Though the HTTP specifications says that POST may have side effects and GET not, when implementing these methods in servlet, there is no difference. The doGet methods may have side effects. If you require same functionality you can call goGet in doPost or vice versa.
The Servlet specification specify the intends and not the actual implementation of these methods.
HTTP 1.1 spec declares that GET, HEAD, and PUT are to be idempotent, meaning you can do the same things over and over again without side effects on the server. This doesn't mean that the same request always returns the same response, just that identical requests don't have negative consequences.
POST is not considered idempotent, so identical POST requests can have side effects. This is the example from the HFS&J Book: (I am hopping Bryan, Kathy and Bert won't mind me borrowing their example )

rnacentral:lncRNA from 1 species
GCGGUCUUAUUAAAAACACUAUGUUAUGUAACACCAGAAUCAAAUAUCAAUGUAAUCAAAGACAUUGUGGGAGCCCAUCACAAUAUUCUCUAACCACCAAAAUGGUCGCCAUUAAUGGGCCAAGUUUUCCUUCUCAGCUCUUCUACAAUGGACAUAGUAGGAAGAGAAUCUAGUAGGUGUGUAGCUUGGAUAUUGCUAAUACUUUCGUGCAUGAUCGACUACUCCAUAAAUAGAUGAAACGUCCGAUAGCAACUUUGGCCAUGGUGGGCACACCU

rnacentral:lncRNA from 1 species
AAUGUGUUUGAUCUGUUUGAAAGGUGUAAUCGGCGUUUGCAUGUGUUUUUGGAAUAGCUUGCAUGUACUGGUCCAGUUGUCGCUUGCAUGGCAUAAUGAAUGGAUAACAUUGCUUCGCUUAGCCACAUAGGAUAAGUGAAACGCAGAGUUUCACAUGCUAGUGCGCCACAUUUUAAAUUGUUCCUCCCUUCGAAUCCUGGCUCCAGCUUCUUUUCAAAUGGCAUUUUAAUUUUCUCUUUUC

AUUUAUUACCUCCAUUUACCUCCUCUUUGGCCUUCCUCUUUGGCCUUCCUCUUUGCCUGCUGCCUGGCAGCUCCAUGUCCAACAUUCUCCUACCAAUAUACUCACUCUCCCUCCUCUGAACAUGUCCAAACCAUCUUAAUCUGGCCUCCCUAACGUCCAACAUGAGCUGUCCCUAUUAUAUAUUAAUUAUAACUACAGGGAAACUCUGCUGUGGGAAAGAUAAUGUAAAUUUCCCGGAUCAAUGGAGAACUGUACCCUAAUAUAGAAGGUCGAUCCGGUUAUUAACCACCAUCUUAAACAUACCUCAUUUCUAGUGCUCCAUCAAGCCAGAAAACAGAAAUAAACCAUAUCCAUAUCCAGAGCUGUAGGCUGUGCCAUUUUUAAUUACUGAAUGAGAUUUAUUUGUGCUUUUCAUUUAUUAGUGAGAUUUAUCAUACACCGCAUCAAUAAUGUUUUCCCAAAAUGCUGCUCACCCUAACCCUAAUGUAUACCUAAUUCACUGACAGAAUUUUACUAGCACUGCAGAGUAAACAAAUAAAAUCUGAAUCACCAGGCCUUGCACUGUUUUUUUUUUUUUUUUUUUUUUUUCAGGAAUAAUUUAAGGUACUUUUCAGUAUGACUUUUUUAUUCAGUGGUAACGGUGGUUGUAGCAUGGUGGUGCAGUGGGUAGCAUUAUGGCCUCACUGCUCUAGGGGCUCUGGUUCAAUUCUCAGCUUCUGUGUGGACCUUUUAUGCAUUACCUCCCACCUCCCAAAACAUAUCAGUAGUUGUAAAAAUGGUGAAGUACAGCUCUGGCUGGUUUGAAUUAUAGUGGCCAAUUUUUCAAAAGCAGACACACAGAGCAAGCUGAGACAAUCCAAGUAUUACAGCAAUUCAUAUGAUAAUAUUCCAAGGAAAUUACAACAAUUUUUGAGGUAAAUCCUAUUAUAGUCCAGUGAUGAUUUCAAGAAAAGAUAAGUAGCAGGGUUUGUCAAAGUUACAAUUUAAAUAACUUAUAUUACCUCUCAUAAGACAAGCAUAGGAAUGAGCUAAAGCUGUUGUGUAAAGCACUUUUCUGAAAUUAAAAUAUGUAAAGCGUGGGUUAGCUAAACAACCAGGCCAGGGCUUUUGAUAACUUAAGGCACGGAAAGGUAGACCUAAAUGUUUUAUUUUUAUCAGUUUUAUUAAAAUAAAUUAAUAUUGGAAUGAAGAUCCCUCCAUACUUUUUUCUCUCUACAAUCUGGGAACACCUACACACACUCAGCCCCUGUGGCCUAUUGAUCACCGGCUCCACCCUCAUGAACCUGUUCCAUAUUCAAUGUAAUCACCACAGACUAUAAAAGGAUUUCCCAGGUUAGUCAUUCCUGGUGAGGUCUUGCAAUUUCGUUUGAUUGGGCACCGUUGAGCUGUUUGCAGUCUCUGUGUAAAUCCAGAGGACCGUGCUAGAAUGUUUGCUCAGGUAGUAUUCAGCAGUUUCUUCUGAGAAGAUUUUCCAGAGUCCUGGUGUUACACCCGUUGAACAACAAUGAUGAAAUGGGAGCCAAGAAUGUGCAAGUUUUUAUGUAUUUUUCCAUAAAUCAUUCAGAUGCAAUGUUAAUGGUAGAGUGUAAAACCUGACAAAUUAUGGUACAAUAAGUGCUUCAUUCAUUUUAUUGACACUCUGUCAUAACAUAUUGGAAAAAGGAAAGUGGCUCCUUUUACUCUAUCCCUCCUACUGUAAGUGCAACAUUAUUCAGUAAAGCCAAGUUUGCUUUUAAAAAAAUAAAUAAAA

Diane hits the CHECKOUT button at a book web site
Browser sends a POST request with her info
Container gets the request and sends it to the appropriate servlet, which electronically debits Diane's bank account and updates the book store's database
The Servlet didn't send an obvious response, and Diane still sees the same shopping cart page, and thinks, "Maybe I didn't click it right. I better hit the CHECKOUT button again..."
Browser sends another POST request with her info
Container happily recieves the request, and sends it to the same servlet, which debits her account, and sends her another book!
As mentioned earlier though, just because the spec declares that GET is idempotent and POST is not is not a guarentee on functionality. A GET request can just as easily have negative side effects, but it is considered bad design.
“Programming today is a race between software engineers striving to build bigger and better idiot-proof programs, and the Universe trying to produce bigger and better idiots. So far, the Universe is winning.” - Rich Cook